With these definitions, then the 5% margin requirement for new trades states that if a new trade were to be executed then 5% of the Total Position Amount must be less than the Account Equity immediately after execution of the trade should the trade go through. For example, if a trader has Account Equity of $2,000, two open positions consisting of
- long 10,000 units USD/CHF and
- short 20,000 units EUR/JPY,
the current EUR/USD exchange rate is 0.9134/06, and the trader would like to buy an additional 5,000 units of USD/CHF, then the Total Position Amount should the trade be executed would be:
10,000 + (20,000 * 0.9134) + 5,000 = 10,000 + 18,268 + 5000
or $33,268. The 5% margin requirement for new trades states that 5% of $33,268 (which is equal to $1,663.4) must be less than the Account Equity. In this example, Account Equity is $2,000, $1,663.4 is less than $2,000, so the new trade will be executed successfully.
Another way to look at it is if the new trade does not offset an existing open position, then the Margin Available must be greater than 5% of the number of units to be traded when converted to USD using the ask rate. Hence, if the Margin Available is $6,000, the current EUR/USD rate is 0.9134/36, the trader has no open EUR/USD position at the time, and the trader submits a sell trade for 100,000 EUR/JPY, then the margin requirement is met and the trade can be executed, because $6,000 is greater than 0.05 * (100,000 * 0.9136) = 0.05 * 91,360 = $4,568. On the other hand, if the Margin Available is $4,500 and the trader submits a sell trade for 100,000 EUR/JPY, then the trade will be rejected by the system "due to insufficient funds", because $4,500 is less than the $4,568 margin requirement.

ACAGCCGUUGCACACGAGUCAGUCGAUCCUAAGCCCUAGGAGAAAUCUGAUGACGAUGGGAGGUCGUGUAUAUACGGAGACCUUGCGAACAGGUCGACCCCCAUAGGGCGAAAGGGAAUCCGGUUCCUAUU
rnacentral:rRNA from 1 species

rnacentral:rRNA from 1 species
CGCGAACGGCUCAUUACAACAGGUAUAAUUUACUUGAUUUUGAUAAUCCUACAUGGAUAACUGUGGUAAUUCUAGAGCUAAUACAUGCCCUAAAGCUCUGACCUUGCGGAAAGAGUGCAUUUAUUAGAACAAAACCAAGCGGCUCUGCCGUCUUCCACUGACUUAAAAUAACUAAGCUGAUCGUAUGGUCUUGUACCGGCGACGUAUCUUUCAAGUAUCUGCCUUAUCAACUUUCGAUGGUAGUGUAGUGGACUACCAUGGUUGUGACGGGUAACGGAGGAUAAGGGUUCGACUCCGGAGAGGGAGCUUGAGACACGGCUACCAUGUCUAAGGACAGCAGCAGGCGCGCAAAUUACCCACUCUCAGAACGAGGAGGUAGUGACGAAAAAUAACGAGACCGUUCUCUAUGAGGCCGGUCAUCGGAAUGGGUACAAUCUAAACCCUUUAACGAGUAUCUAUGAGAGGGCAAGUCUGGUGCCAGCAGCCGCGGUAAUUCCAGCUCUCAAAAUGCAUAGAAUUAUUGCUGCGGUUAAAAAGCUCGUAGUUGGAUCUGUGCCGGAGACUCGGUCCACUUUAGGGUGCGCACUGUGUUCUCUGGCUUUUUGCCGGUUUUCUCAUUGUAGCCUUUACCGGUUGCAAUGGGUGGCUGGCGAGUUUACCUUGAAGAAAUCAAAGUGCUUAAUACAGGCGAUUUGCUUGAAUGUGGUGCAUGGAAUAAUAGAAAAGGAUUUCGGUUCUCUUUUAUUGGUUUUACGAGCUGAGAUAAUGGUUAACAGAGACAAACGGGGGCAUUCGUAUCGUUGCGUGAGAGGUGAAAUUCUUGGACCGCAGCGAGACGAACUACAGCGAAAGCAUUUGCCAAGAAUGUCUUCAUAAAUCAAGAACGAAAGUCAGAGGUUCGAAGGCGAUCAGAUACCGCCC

The buy/sell window of the user interface displays the maximum trade size for the trade being considered, given the margin available for the trader.
2.5% margin requirement for open positions